Markets appear extremely concerned about the possibility of a U.S. recession. In the fixed- income markets, an inverted yield curve, with short-term rates exceeding long-term yields, has been a reliable indicator of the potential for future economic challenges. And, it has not been this inverted in four decades (Figure 1).

Figure 1: Inverted Yield Curve

Indeed, there is plenty of evidence to support the possibility of a U.S. recession in 2023. The Federal Reserve (Fed) is aggressively raising short-term interest rates. Mortgage rates have surged, while house prices are weakening (Figure 2). Announcements of layoffs in the financial and social media sectors are piling up. Measures of consumer sentiment are seriously depressed. Globally, China is struggling to regain economic traction after a tough year, the Russia-Ukraine War is grinding on, and Europe faces its own possibility of recession.

Figure 2: House prices are weakening as mortgage rates surge

It is an open question as to whether equity markets agree with the fixed-income market’s view that a recession might be on the way. In 2022, when U.S. Treasury 10-year Note yields rose sharply (that is, prices declined), one could argue that much of the bear market in equities was reflecting an adjustment to the new competition from bonds, and not really a forecast of a future recession (Figure 3). Still, most analysts would suggest that at the least, equities are discounting the probability of a slowdown in the U.S. economy that might tilt into a shallow recession.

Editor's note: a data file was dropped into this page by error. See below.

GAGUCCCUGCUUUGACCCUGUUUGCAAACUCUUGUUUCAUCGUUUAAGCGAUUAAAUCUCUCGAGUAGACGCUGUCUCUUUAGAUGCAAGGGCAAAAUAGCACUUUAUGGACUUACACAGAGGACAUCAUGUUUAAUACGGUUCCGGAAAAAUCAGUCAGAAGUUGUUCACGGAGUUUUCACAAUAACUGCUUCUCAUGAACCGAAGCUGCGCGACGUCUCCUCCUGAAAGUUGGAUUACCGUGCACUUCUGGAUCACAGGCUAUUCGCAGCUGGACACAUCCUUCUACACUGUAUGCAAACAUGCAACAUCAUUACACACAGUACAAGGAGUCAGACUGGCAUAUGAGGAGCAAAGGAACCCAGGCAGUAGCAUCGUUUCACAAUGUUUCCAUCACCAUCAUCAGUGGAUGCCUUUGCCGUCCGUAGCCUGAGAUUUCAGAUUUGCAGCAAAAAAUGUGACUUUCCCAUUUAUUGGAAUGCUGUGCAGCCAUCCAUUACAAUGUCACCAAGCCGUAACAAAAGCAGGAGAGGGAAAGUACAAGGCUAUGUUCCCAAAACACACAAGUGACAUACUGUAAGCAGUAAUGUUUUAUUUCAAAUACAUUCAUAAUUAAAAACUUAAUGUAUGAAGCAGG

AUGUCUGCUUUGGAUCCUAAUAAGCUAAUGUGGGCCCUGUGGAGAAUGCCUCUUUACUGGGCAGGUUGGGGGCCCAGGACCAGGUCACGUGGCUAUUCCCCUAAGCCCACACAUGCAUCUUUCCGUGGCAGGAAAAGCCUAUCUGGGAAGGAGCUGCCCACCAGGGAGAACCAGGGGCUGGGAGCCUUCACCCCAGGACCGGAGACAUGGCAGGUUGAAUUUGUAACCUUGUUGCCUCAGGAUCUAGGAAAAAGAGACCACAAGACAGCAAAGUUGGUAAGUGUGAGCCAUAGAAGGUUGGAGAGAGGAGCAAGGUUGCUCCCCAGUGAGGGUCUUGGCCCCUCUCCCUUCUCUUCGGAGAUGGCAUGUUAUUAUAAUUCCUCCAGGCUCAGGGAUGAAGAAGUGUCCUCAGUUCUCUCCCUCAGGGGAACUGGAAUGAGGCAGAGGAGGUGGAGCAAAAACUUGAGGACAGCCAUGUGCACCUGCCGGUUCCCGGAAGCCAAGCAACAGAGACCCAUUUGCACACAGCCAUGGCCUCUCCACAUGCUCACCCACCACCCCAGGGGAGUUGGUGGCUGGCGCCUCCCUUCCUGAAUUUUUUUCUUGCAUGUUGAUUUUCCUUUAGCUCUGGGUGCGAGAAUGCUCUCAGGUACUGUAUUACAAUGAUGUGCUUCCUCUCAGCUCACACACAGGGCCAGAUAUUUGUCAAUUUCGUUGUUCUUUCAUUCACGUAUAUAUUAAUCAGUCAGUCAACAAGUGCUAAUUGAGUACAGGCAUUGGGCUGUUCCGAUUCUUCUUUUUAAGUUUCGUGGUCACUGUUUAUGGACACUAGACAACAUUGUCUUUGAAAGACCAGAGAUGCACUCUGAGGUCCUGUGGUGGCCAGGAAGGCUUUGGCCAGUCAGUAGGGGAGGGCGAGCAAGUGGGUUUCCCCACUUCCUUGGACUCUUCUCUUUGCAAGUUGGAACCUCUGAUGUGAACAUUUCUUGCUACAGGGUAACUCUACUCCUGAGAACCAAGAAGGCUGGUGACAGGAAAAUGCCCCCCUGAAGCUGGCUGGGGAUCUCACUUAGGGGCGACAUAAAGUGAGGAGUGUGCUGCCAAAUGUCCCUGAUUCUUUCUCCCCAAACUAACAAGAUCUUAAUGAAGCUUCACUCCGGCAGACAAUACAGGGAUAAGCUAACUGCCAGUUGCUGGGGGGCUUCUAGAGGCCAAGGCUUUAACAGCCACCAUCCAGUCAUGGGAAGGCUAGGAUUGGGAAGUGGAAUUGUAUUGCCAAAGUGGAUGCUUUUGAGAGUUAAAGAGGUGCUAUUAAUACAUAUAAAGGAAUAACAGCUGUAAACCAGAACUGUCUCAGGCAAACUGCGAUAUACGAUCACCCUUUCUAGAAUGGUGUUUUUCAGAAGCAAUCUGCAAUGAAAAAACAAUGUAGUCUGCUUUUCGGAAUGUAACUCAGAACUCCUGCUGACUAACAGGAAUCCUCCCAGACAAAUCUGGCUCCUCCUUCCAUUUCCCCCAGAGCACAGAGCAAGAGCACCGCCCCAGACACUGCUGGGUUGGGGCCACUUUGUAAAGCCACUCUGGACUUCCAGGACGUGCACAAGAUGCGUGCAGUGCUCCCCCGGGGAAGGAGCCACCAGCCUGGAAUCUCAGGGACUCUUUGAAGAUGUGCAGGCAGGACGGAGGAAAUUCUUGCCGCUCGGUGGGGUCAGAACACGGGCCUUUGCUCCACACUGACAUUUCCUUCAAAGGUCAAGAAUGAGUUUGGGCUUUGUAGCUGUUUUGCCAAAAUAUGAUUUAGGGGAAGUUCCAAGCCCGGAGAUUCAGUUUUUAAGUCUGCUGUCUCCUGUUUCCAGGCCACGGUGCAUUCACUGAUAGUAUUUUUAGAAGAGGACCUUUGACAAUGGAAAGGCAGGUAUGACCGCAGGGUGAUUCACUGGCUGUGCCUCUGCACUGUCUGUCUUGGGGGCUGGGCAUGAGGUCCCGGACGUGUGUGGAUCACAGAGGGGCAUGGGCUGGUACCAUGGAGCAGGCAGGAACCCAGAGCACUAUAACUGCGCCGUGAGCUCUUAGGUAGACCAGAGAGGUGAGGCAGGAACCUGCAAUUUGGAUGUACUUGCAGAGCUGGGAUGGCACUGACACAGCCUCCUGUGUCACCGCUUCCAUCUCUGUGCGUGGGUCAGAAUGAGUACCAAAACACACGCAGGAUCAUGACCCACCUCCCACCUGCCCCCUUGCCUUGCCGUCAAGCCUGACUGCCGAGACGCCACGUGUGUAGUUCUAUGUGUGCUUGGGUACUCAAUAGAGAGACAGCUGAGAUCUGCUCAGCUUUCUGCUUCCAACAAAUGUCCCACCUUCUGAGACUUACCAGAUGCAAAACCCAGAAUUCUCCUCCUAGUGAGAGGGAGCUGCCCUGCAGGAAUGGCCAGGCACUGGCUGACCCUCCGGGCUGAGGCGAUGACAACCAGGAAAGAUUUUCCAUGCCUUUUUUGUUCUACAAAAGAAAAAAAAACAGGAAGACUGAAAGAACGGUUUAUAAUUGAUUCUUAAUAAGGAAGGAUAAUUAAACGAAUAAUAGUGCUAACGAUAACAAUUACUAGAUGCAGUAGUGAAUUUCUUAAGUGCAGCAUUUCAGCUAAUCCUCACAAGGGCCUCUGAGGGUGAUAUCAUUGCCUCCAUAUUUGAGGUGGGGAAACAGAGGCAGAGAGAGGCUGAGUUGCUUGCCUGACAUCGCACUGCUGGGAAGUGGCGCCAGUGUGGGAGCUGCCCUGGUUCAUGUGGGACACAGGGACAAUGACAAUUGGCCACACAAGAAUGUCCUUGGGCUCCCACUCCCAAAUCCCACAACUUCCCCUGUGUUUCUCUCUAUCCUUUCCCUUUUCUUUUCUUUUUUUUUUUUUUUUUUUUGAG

Figure 3: U.S. 10-Year Treasury note yields rose in 2022

Yet, it is not all gloom and doom. While some sectors are losing jobs, others are hiring workers, and the unemployment rate remains below 4%. Various inflation indicators, such as prices for a range of commodities and gasoline, are much lower (Figure 4). Durable-goods inflation is receding rapidly. Even rents appear to have peaked. And, the latest consumer price data showed a further reduction in headline inflation. The Fed and market participants will probably view the latest data on inflation as a positive sign, yet core inflation is sticky but even if improving, may remain well above the Fed’s 2% target in the coming year.

Figure 4: Gasoline prices have retreated from their June peak

Bottom Line

For sailors, navigating in the middle of the night when one cannot see what is ahead is always a challenge. But daylight always follows the night. Is the sun about to rise on consumer sentiment? Are some of today’s uncertainties about to become less murky? Time will tell, and we do not know the answer. Perhaps for markets and risk managers, the most important change in sentiment is not when it shifts from negative to positive, but when sentiment shifts from negative to less negative. 

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